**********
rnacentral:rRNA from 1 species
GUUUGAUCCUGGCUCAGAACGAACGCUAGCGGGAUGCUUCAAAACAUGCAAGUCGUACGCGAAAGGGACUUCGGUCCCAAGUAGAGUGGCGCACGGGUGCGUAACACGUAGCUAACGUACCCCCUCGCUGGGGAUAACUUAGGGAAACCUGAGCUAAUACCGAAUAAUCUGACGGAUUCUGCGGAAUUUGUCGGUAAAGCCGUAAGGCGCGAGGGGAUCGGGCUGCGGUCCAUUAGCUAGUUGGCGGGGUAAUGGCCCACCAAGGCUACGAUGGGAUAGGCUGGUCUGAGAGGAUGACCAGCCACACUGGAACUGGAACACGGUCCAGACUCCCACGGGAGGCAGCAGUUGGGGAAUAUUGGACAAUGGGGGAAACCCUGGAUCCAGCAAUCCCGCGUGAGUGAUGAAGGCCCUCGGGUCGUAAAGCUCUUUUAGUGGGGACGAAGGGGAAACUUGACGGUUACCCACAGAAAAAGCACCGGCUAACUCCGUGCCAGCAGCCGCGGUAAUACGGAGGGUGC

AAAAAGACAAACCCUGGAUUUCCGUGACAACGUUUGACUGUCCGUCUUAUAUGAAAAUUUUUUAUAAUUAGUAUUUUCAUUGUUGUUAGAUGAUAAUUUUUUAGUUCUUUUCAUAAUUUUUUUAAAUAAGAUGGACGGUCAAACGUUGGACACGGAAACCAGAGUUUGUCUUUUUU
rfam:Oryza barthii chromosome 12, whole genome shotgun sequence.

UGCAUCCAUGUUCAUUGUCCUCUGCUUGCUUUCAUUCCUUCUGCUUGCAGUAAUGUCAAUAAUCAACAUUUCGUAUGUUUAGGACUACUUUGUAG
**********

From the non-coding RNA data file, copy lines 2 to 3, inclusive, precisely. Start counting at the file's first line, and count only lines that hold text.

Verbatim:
GUUUGAUCCUGGCUCAGAACGAACGCUAGCGGGAUGCUUCAAAACAUGCAAGUCGUACGCGAAAGGGACUUCGGUCCCAAGUAGAGUGGCGCACGGGUGCGUAACACGUAGCUAACGUACCCCCUCGCUGGGGAUAACUUAGGGAAACCUGAGCUAAUACCGAAUAAUCUGACGGAUUCUGCGGAAUUUGUCGGUAAAGCCGUAAGGCGCGAGGGGAUCGGGCUGCGGUCCAUUAGCUAGUUGGCGGGGUAAUGGCCCACCAAGGCUACGAUGGGAUAGGCUGGUCUGAGAGGAUGACCAGCCACACUGGAACUGGAACACGGUCCAGACUCCCACGGGAGGCAGCAGUUGGGGAAUAUUGGACAAUGGGGGAAACCCUGGAUCCAGCAAUCCCGCGUGAGUGAUGAAGGCCCUCGGGUCGUAAAGCUCUUUUAGUGGGGACGAAGGGGAAACUUGACGGUUACCCACAGAAAAAGCACCGGCUAACUCCGUGCCAGCAGCCGCGGUAAUACGGAGGGUGC

AAAAAGACAAACCCUGGAUUUCCGUGACAACGUUUGACUGUCCGUCUUAUAUGAAAAUUUUUUAUAAUUAGUAUUUUCAUUGUUGUUAGAUGAUAAUUUUUUAGUUCUUUUCAUAAUUUUUUUAAAUAAGAUGGACGGUCAAACGUUGGACACGGAAACCAGAGUUUGUCUUUUUU